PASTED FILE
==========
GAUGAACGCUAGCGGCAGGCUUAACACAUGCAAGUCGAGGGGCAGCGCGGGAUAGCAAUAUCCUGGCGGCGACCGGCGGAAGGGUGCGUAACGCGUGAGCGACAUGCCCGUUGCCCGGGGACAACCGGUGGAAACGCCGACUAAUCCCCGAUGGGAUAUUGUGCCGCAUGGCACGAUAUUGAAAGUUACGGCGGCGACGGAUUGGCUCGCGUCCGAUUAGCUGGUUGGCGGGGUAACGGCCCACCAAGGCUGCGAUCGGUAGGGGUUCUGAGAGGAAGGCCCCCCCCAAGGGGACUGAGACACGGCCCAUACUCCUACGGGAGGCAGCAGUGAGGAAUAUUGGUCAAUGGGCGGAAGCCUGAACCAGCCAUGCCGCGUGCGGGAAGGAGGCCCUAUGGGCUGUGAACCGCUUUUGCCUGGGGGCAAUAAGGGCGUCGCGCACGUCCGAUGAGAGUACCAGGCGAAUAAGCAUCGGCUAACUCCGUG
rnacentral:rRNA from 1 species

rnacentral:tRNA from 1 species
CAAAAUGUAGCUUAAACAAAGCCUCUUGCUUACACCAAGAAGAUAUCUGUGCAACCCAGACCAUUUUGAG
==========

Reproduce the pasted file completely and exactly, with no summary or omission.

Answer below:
GAUGAACGCUAGCGGCAGGCUUAACACAUGCAAGUCGAGGGGCAGCGCGGGAUAGCAAUAUCCUGGCGGCGACCGGCGGAAGGGUGCGUAACGCGUGAGCGACAUGCCCGUUGCCCGGGGACAACCGGUGGAAACGCCGACUAAUCCCCGAUGGGAUAUUGUGCCGCAUGGCACGAUAUUGAAAGUUACGGCGGCGACGGAUUGGCUCGCGUCCGAUUAGCUGGUUGGCGGGGUAACGGCCCACCAAGGCUGCGAUCGGUAGGGGUUCUGAGAGGAAGGCCCCCCCCAAGGGGACUGAGACACGGCCCAUACUCCUACGGGAGGCAGCAGUGAGGAAUAUUGGUCAAUGGGCGGAAGCCUGAACCAGCCAUGCCGCGUGCGGGAAGGAGGCCCUAUGGGCUGUGAACCGCUUUUGCCUGGGGGCAAUAAGGGCGUCGCGCACGUCCGAUGAGAGUACCAGGCGAAUAAGCAUCGGCUAACUCCGUG
rnacentral:rRNA from 1 species

rnacentral:tRNA from 1 species
CAAAAUGUAGCUUAAACAAAGCCUCUUGCUUACACCAAGAAGAUAUCUGUGCAACCCAGACCAUUUUGAG